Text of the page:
I wore a groove*  in the kitchen floor with <tu:poprzez> endless <nieskoĹ„czone> trips to the fridge, hoping against hope* that I had somehow missed a plateful of cold sausages on the previous 4,000 excursions. Then, for no obvious reason, <z.nieznanych.powodĂłw> I decided to buy a footstool. <podnóżek> I took the entire family to the sort of gifty-wifty shop where the smell of pot-pourri is so pungent <gryzÄ…cy,zgryĹşliwy> that it makes you go cross-eyed. <dostać.zeza>

to wear a path – wydeptać Ĺ›cieĹĽkÄ™ / to wear a groove – wyĹĽĹ‚obić rowek

    to hope against all hope – mieć pomimo wszystko nadziejÄ™

 

Even though <chociaĹĽ.mimo.ĹĽe>  the children were lying on the floor gagging, <duszÄ…c.siÄ™> I still spent hours deliberately <powoli.z.rozmysĹ‚em> choosing a footstool that was too small, and the wrong colour – so that I could waste some more time taking it back. <odnoszÄ…c.go> The next day, still gently redolent <pachnÄ…c> of Delia Smith’s knicker drawer, I decided to buy the wrong sort of antique filing cabinet. But after the footstool debacle <poraĹĽka> my wife said no.

 

So it seemed <wyglÄ…daĹ‚o.wydawaĹ‚o.siÄ™>  appropriate <wĹ‚aĹ›ciwym> that I should <m.zaleĹĽna> develop <nabawić.siÄ™.rozwinąć> some kind of illness. This is a good idea, when you are at a loose end* because everything, up to <Ĺ‚Ä…cznie> and including herpes, <opryszczka> is better than being bored. <bycie.znudzonym-nudzenie.siÄ™> It’s hard, I know, to summon up <wywoĹ‚ać> a bout <atak> of genital sores <bĂłle> at will, <na.ĹĽyczenie> but with a little effort you can catch a cold which, if you whimper <jÄ™czysz> enough, will easily pass for <ujdzie.jako> flu. And yup, <i.tak> even lying in bed watching Judy Finnegan in a Santa suit beats <pobić.wygrać> the terminal <Ĺ›miertelny.koĹ„cowy> cancer that is <ktĂłrym.jest> boredom.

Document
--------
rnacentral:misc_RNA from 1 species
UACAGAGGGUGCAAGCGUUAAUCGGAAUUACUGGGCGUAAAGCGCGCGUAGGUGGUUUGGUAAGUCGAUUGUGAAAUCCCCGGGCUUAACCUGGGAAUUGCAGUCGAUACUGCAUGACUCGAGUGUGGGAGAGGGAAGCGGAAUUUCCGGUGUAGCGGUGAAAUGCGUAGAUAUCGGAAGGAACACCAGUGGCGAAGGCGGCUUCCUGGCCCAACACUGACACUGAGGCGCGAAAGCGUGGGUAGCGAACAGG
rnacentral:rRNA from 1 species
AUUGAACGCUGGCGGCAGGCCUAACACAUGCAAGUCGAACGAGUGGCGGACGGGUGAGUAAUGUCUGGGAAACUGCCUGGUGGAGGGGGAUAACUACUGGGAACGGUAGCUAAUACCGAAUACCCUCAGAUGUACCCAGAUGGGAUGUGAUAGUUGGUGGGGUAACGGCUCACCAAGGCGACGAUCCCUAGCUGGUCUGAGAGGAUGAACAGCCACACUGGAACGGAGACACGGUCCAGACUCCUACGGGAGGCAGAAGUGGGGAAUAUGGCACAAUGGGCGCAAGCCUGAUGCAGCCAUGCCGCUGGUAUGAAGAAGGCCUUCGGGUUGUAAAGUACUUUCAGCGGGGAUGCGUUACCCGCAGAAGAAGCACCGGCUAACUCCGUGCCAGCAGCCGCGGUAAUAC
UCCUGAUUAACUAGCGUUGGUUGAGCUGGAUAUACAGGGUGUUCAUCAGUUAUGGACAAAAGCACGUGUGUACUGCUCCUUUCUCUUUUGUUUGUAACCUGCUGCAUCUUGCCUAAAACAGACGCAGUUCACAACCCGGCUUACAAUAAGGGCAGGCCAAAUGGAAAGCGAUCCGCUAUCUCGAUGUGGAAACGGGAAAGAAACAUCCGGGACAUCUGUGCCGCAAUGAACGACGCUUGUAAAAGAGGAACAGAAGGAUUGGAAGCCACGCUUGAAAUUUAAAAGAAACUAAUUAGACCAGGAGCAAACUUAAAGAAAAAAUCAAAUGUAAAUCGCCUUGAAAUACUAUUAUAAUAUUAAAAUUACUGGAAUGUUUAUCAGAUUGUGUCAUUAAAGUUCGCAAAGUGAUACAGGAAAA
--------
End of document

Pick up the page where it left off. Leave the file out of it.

* to be at a loose end – nie wiedzieć, co ze sobÄ… począć

 

Boredom forces you <zmusza.ciÄ™> to ring people you haven’t seen for eighteen years, and halfway through the conversation you remember why you left it so long. Boredom means, you start to read not only mail-order catalogues, <katalogi.wysyĹ‚kowe>  but also the advertising inserts <inserty.reklamowe> that fall on the floor. Boredom gives you half a mind to* get a gun and go berserk <wpaść.w.szaĹ‚> in the local shopping centre, and you know <forma.bezosobowa-wiecie> where this is going.

to give / have half a mind to do sth – zastanawiać siÄ™, czy czegoĹ› nie zrobić
 

Eventually, boredom means you will take up golf. <zainteresować.siÄ™.golfem> On the day before Christmas Eve I sat next to a chap on the train who, as we pulled out <to.pull.out-odjeĹĽdĹĽać.wyruszać> of Paddington, called his wife to say <ĹĽeby.powiedzieć>  that he was finished, that he had retired, and that from now on his life was entirely his own. He was trying to sound happy about it, but there was a faraway, baleful <zĹ‚owrogi> look in his eyes which said it all.

to take up – 1. podnieść, podjąć, kontynuować, zacząć pracować 2. zainteresować siÄ™
 

He would spend a month or two at home, breaking interior fixtures <wyposaĹĽenie>  and fittings <instalacje> and generally killing everything in the garden, and then one day he would accept an invitation to tee off and that would be it. His life would be over long before he actually stopped breathing. Pity. He seemed like a nice chap.

 

Or what about fishing? You see those people sitting on the side of the canal in the drizzle <mĹĽawka> and you wonder: how bored do you have to be at home for that to be better? <ĹĽeby.to.byĹ‚o.lepsze> The answer, I suspect, is â€